Residents of Dunstan Steads in Embleton have now launched a bid to save a short strip of leafy lane which backs on to fields and sand dunes by getting it listed as a village green.
Several measures are being planned by Northumberland County Council to help the area cope with the expected influx of summer visitors.
A county council spokesperson said: “Last summer saw unprecedented visitor numbers in the county, particularly along the coast, mainly due to the impact of Covid-19 restrictions.
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“This brought with it increased traffic and the resultant parking problems that can arise.
“Dunstan Steads is no exception and the county council has been working closely with local members, Embleton Parish Council and other partner organisations to address some of these issues ahead of this summer, while also still seeking to ensure we create a welcoming environment to visitors.
“As a result we are doing two things. Firstly double yellow lines have been laid down on a stretch of this road.
"Secondly we are planning hardening works to strengthen the grassed verge, which is already used for parking and is often damaged as a result, and to help ensure vehicles don't obstruct the highway when parking in this location so that access can be maintained for agricultural operations and the emergency services. The verge hardening works do not aim to provide additional parking capacity, but better and more safely manage the existing parking taking place.
“This work is part of a larger multi-agency approach to take forward a broad range of measures across Northumberland to help manage visitor numbers into the county in what is expected to be a very busy summer.”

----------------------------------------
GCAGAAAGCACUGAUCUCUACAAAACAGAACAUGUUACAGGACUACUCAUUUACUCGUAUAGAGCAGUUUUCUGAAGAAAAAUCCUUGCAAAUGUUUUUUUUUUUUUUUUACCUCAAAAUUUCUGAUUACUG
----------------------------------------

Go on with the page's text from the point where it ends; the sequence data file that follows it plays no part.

However, a petition has been launched by the ‘Friends of Dunstan Steads’ who claims the verge works will impact on barn owls, red squirrel, bats and a hedgerow fill of wild flowers.
Local resident Ian Ross said: “We are in the AONB and right next to legally protected special areas - SSSI, SAC, SPA and Ramsar dunes and coastline.
"We expect NCC to properly consider the impact on these areas. There are protected species living and feeding in this lane and we are anxious that NCC are paying sufficient attention to our significant concerns.”
Another resident, Julia Robson, added: “With so much being done to make people aware of global warming, why aren’t Northumberland County Council conserving green space for wildlife not cars?”
Judy Turnbull said: “Walkers are often forced into the road because the grass is parked up. It’s only a matter of time before a reversing car runs over a child or an ambulance can’t reach the beach. The road is very narrow and there are log jams in the summer when it is busy, with cars ending up reversing for long distances.”
Monica Cornall, who lives at Dunstan Steads and is on Embleton Parish Council, questions why parking was not designated for a safer and less sensitive area in Embleton village, which would at least benefit local businesses.
She said: “This is setting a poor precedent for Northumberland – that walkers, cyclists, and nature can ‘go to hell in a handcart’ so long as motorists can park wherever they like.”